"Good-hearted people. People that want to work, people that want to get better. Those are the people you want to be around and that's how we all look at it." – Solomon Kindley
It's not that Flores was looking ahead to a draft class two years away. That's inherently not in his nature. But traits that each of Miami's three starting rookie offensive linemen have would draw the Dolphins' interest in the 21-year-old left tackle, 23-year-old guard and 24-year-old right tackle.
Those traits are team-first mindsets, relentless determination and a love and appreciation for the game of football.
That's three traits, fitting for three players that made history in Week 13 when they became the first trio of rookie offensive linemen in Dolphins history to start a game together.
"To have two other rookies in the room to experience this all together, I don't think I would want it any other way," Hunt said. "All of us are here trying to make this team better and we also got to come in together and develop friendships with each other."
From Phoenix, Jacksonville, and tiny Jasper, Texas, Jackson, Kindley and Hunt bonded over their profession and a shared love for the game.
"It's great when you can meet people from different parts of the world and just connect and click," Kindley said. "I just love how we are a brotherhood. It helps with how we click on the field. We communicate with each other on and off the field. It's been a great experience and I can't wait to play more and more games with these guys."
The jump from college to the NFL is not an easy one. The players are smarter, bigger, stronger and faster. The playbooks are more detailed and the craft is a perpetual work-in-progress never interrupted by schoolwork.
Just because school is no longer in session doesn't mean the learning stops. Trading in Economics 101 for a classroom led by Offensive Line Coach Steve Marshall, the three rookies still utilize the shared experience of football education to help each other succeed.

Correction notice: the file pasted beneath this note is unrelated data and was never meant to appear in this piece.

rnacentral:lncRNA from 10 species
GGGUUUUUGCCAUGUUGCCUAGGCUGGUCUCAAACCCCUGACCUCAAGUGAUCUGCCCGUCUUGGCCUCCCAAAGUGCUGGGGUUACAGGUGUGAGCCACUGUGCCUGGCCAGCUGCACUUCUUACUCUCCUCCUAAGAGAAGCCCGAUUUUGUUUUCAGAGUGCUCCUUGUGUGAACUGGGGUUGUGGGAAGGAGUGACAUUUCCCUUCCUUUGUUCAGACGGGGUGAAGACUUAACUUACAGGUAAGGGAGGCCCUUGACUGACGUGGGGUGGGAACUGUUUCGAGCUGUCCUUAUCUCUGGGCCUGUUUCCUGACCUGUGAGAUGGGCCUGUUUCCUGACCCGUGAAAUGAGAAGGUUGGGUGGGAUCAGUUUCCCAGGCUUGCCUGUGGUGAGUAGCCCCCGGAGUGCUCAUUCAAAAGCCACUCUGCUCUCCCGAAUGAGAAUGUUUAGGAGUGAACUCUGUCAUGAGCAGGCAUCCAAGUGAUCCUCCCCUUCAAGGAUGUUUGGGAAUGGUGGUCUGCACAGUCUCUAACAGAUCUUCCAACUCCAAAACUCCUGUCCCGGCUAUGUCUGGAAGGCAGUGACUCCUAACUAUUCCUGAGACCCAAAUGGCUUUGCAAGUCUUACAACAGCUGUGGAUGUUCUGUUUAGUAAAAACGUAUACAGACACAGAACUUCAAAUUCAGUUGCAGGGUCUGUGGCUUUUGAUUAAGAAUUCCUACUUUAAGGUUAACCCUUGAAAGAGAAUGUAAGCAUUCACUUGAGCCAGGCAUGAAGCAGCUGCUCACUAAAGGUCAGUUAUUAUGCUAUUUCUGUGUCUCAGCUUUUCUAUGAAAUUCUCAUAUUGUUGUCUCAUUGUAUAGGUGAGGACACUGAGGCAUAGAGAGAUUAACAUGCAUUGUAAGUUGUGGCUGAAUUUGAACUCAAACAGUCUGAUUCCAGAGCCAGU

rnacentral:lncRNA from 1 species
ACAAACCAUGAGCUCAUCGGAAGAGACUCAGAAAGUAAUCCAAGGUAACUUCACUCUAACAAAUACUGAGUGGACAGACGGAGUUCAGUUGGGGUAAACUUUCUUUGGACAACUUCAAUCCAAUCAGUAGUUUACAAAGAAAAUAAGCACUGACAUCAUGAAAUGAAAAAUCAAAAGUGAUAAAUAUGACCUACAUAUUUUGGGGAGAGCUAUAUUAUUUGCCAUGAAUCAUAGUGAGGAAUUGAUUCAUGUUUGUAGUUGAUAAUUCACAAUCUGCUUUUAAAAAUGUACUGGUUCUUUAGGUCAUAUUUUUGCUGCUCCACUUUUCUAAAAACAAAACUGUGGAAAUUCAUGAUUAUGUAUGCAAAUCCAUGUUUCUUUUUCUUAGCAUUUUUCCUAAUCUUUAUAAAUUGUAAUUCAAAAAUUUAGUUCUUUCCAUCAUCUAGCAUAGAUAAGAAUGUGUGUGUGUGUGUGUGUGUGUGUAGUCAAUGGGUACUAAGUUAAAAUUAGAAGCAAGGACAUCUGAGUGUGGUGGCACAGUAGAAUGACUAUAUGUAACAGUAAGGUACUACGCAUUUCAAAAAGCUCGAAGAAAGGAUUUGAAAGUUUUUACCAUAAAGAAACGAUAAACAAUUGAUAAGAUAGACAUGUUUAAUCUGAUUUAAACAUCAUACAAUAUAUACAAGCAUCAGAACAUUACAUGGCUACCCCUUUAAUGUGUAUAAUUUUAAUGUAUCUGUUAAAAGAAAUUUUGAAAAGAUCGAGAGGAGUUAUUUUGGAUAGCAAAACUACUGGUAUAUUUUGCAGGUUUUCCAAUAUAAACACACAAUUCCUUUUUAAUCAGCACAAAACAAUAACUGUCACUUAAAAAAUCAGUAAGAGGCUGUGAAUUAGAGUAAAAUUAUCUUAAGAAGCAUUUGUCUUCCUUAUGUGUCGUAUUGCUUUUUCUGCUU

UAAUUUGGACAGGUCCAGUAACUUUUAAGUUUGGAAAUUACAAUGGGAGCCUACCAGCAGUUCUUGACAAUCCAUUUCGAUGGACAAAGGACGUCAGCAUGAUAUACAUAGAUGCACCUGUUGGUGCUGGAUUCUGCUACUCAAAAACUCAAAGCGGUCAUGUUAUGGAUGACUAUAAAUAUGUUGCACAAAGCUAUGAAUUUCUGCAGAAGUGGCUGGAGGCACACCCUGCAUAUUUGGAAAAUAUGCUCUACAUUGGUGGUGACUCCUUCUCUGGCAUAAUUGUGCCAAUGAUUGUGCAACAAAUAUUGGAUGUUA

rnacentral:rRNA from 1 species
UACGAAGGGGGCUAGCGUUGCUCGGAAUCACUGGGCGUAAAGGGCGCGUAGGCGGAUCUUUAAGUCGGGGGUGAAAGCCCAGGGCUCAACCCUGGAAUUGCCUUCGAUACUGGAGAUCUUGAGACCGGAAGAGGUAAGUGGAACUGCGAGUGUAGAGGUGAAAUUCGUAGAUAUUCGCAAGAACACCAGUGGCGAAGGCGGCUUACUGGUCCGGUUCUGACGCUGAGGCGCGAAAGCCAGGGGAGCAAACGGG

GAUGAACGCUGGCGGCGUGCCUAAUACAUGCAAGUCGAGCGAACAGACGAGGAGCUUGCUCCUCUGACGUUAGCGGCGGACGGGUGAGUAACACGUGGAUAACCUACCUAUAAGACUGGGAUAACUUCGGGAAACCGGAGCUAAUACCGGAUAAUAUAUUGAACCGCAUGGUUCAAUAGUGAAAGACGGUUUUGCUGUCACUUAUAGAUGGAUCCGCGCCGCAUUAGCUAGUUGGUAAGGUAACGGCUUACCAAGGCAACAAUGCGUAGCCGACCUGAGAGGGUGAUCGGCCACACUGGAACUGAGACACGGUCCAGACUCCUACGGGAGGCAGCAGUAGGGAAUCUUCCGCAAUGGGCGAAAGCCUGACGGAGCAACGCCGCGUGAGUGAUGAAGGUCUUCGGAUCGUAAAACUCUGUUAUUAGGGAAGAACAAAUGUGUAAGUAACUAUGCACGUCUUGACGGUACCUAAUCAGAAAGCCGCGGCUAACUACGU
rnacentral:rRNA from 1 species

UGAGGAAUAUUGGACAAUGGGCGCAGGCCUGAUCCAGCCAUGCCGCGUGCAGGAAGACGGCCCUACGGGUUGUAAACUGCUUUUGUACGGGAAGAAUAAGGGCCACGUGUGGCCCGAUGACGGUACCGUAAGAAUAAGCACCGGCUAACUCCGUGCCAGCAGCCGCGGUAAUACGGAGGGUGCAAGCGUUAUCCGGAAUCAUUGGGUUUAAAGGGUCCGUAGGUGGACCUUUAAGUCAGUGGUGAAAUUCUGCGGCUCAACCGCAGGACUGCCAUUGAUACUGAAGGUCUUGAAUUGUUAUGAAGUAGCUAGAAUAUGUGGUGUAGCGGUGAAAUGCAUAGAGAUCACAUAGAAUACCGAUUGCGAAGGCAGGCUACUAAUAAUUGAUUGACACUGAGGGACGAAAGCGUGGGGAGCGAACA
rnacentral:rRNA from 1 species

"We always make sure we're getting extra work in after practice, just working on extra pass sets, extra run calls," Jackson said. "Sometimes we talk before meetings just to be sure. If someone is confused, we'll bring it up to clarify and do the best we can."
Once the lessons are taught in the classroom, it's then time to apply the techniques on the practice field. That includes another form of mentorship by way of the veteran offensive linemen in the group. Observers of this year's Dolphins training camp saw the same routine each day. The glass doors of the facility swung open and No. 75 emerged draped in bungees and a pair of harnesses.
Ereck Flowers, and the rest of the Dolphins veterans in the room, serve as a conduit between Marshall and the rookies to expedite the learning process, and that includes bonus work.
"From Jesse Davis, Ted Karras, Ereck Flowers, Julién Davenport and Adam Pankey, those guys talk to us every day," Kindley said. "We see them staying after practice, so we know we have to do the same thing. Their biggest thing is to lead us in the right direction and help us not repeat the mistakes from their rookie years."
While the rookies are sponges for information from players and coaches, perhaps nobody pushes them harder than one another.
"We challenge each other to be better every day," Hunt said. "We all come in ready to go every day. That helps us out a lot, being ready to go 24/7. We talk about things we see and make suggestions and try to help each other fix things."
"You've got to have someone that will push you," Kindley said. "We stay on the field after practice getting extra pass sets, talking about life, and sometimes getting your mind off football and soaking it all in. You live one life. You have to cherish it. That's our biggest thing."
"We're all able to relate to each other," Jackson said. "All being rookie offensive linemen, moving to South Florida and being able to bond over that. It does take some pressure off. You have someone you can look to and that helps on the field, especially for our position on the offensive line because communication is key and that definitely helps."